Intro: IoT Wall Outlet With Arduino and ESP8266
In this instructable, I show you how to add enhanced accessibility, intelligence and connectivity to an ordinary wall outlet. This is done with a combination of microcontrollers, Arduino, various sensors, ESP8266 and a mix of software packages. As I have designed this project in a sort of a modular fashion, you can try to build the whole project as it is or parts of it or even extend this project with more functionality.
Fan Speed Regulator
IR Remote Control
Log to Cloud Platforms
This is the second instructable in the series of IoT related instructables that I am writing on automating my house.
The first instructable is:
An inexpensive IoT enabler using ESP8266
Step 1: Design Considerations
This project was conceived when I felt the need to automatically reduce the speed of an AC ceiling fan in the bedroom as temperature drops through the night. In Bangalore, where I live, during winters, I like to switch on the fan when I go to sleep. But early mornings, when the temperature drops, the fan makes it even colder. Which disturbs my sleep and I don't want to or cant get up to reduce the speed or switch off the fan since the wall socket is not close to the bed. So I needed a way to automatically shutoff the fan or reduce its speed in the mornings and thought of building one myself since there aren't any commercial products already available in the market. I know, I know, there are bigger problems to solve in this world, but I guess this problem needs solving too, so what the heck :)
Along with this initial requirement, the following were also considered while designing the project.
- Should automatically reduce the speed of the fan based on the time elapsed or temperature drop.
- Should still be able to operate physical switches.
- Should be able to remotely control light and fan. IR remote is a necessity. Smartphone app is perhaps an indulgence.
- Should be able to function independently.
- If the board breaks down for any reason, before it can be fixed or properly uninstalled, it should still be possible to use the physical switches to operate the light and the fan without any changes.
- Need to be able to switch off the board, when the house is going to be empty for extended periods of time (say vacation), but when switched on again, should again function properly without needing any manual intervention.
- The board should update the state of the devices controlled properly irrespective of the mode of control - IR remote, smartphone app or physical switches.
- Should not look too ugly or messy.
Step 2: Basics
What is an Arduino?
Arduino is an open-source electronic prototyping platform to create interactive electronic objects.
What is ATMEGA1284P-PU?
This is the microcontroller IC used in this project.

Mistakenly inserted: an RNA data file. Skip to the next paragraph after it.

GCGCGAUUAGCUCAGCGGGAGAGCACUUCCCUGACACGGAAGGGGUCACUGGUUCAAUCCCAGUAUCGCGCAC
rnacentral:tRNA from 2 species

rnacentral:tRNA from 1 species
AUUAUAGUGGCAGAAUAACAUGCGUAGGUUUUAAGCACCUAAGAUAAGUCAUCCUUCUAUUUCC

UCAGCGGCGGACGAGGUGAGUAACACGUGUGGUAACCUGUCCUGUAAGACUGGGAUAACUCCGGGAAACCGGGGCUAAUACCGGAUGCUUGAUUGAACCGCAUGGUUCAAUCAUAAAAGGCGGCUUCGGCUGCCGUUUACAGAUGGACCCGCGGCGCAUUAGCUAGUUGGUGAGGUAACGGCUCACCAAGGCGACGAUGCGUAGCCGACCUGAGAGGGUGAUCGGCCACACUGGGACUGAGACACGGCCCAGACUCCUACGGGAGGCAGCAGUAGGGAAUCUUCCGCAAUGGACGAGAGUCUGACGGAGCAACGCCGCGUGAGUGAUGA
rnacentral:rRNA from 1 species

What is ESP8266?
ESP8266 is a highly integrated chip designed for the needs of a new connected world. It offers a complete and self-contained Wi-Fi networking solution, allowing it to either host the application or to offload all Wi-Fi networking functions from another application processor.
What is MQTT?
MQTT is a machine-to-machine (M2M)/"Internet of Things" connectivity protocol. It was designed as an extremely lightweight publish/subscribe messaging transport. It is useful for connections with remote locations where a small code footprint is required and/or network bandwidth is at a premium. For example, it has been used in sensors communicating to a broker via satellite link, over occasional dial-up connections with healthcare providers, and in a range of home automation and small device scenarios.
What is node-red?
Node-RED is a tool for wiring together hardware devices, APIs and online services in new and interesting ways.
What is NetIO?
NetIO is a multi platform smartphone application, a generic remote controller for almost everything. It simply sends and reads strings over a network socket. You can easily communicate with microcontrollers or PCs connected to your LAN!
What is Thingspeak?
ThingSpeak is an open source “Internet of Things” application and API to store and retrieve data from things using HTTP over the Internet or via a Local Area Network. With ThingSpeak, you can create sensor logging applications, location tracking applications, and a social network of things with status updates.
Step 3: Proof of Concept
There is hardly any information on the web regarding how to control the speed of an AC fan electronically. One of the links I found, copied below, shows an image of a ceiling fan remote control circuit, but it does not contain an actual circuit diagram. It uses triacs to select the capacitor or combination of capacitors. Based on how much capacitance is in the circuit, the speed of the fan can be varied. For max speed, the input is directly connected to the fan.
Then I bought a regular off-the-shelf fan regulator and took it apart. Found that it also uses capacitors to control the speed of a fan and the principle of operation is similar to the one in the link above.
Now I needed a triac circuit to mimic the turn of the knob on the off-the-shelf fan regulator. Found this link that talks about a simple way to turn on/off AC appliances using triacs:
Based on the above details, created a circuit that uses MOC3041 optocouplers to trigger BT136 triacs. Salvaged the capacitors from the off-the-shelf regulator and used them in this circuit. Based on which triacs are triggered, the amount of capacitance in the circuit can be varied thereby controlling the speed of the fan. In this proof of concept, I just added a IR receiver and a LM35 temperature sensor. It worked well. But there is no IoT connectivity and it was not ready for proper installation.